Malcolm Fraser, the former Liberal Australian Prime Minister, has urged the Australian government to toughen its stance on Sri Lanka until there is an investigation into war crimes on the island.
Speaking to reporters on Tuesday, Fraser said,
''There ought to be a proper investigation and if that leads to indictments before the International Criminal Court or the War Crimes Tribunal, so be it.''
Fraser, who will be attending the 2011 CHOGM in Perth in a few days time, also slammed the decision to host the 2013 CHOGM in Sri Lanka saying,
"Under current circumstances, holding the Commonwealth Heads of Government Meeting in Sri Lanka in two years' time is quite inappropriate.”
Backing Canadian Prime Minister Stephen Harper’s call, Fraser reiterated that human rights issues had to be dealt with first, before Sri Lanka would be allowed to host the meeting.
The former Prime Minister went on to criticise Australia’s current approach to Sri Lanka stating,
"To this point I think we've got one leg each side of a barbed wire fence. That's a rather uncomfortable position to be in you've ever tried it."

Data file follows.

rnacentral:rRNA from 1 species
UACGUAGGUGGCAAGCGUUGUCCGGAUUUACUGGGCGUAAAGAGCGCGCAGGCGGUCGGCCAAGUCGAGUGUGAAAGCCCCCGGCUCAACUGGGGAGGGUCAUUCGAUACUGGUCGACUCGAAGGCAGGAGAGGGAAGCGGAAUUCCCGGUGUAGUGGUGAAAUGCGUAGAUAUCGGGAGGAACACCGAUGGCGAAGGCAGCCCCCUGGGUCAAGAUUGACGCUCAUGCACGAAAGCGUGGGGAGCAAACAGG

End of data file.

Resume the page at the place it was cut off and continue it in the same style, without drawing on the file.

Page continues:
''If the government is taking a very soft approach in this matter because of its concern about asylum seekers, I think it is again forgetting what it ought to be doing.''
"We should not place a desire to stop boats and get the co-operation of the Sri Lankan government above the need to seek justice in Sri Lanka between the warring parties."
He went on to condemn then Foreign Minister Stephen Smith’s visit to Colombo in November 2009, describing it as “outrageous”. The visit ended with Australia granting Sri Lanka $11 million to help them halt the stem of asylum seekers on boats, seeking to leave the island.
"By giving financial support to the Sri Lankan government we were virtually saying, 'What you have done is all right so long as you stop boats'".
"You can't have principles which are important and then throw them over when it's expedient. There's been too much of that in Australia over the past 10 to 15 years."
The call comes as pressure from Australia continues to mount on Sri Lanka as President Mahinda Rajapakse prepares to attend the CHOGM in Perth.
Greens Senator Lee Rhiannon criticised the Australian Federal Attorney-general’s decision to halt a criminal case against the Sri Lankan President for war crimes saying that it will "set a horrific precedent if it rolls out the red carpet for Sri Lankan officials at CHOGM while allegations of war crimes remain unanswered".